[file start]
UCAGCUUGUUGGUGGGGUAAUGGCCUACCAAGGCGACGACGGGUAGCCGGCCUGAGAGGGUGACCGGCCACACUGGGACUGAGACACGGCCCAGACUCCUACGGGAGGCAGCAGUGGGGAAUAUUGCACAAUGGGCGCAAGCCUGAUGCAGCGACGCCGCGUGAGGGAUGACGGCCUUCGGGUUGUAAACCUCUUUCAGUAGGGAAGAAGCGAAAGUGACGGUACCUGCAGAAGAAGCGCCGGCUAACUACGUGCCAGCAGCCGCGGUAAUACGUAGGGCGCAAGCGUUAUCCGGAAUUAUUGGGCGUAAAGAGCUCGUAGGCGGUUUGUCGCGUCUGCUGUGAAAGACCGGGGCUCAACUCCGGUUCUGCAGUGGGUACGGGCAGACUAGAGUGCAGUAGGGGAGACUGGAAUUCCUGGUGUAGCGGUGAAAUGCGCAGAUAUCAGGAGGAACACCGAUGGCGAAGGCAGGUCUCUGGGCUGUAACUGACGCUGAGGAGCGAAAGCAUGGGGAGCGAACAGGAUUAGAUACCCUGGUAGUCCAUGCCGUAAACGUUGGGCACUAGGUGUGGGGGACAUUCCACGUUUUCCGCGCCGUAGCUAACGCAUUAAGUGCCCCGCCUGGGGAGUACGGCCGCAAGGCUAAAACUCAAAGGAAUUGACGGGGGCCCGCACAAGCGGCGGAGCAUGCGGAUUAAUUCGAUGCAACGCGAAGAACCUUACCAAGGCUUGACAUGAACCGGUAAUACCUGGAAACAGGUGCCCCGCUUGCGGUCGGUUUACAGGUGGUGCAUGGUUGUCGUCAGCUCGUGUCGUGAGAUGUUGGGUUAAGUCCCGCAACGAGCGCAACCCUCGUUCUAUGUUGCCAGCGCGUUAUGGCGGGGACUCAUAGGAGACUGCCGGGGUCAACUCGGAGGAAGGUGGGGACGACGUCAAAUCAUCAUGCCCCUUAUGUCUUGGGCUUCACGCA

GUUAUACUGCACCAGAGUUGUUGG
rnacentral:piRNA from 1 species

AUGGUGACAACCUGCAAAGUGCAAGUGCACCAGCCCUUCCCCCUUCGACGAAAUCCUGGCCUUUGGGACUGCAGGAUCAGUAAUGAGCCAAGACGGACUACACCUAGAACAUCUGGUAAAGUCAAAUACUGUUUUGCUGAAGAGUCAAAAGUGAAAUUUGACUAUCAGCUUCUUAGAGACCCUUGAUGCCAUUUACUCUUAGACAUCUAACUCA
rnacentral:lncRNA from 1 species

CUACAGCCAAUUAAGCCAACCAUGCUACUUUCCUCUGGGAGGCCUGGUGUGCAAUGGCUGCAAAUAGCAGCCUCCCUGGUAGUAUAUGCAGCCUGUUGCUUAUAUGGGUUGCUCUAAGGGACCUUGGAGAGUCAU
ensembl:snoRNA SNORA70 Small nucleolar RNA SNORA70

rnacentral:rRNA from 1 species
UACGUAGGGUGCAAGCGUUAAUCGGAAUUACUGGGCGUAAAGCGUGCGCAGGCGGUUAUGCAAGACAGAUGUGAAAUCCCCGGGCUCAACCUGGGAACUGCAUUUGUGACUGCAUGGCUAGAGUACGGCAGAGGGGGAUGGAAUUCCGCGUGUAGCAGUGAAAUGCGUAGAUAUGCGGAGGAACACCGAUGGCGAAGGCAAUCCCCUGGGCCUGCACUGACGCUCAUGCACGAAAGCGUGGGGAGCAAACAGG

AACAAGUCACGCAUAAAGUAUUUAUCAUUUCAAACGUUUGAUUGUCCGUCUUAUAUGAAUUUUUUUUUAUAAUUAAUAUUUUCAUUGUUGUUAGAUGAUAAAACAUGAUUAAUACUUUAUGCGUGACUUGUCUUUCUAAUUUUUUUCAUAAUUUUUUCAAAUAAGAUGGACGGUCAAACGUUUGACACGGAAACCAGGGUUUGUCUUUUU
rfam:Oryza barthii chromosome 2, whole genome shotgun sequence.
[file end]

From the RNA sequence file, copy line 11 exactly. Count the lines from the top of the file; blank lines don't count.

rfam:Oryza barthii chromosome 2, whole genome shotgun sequence.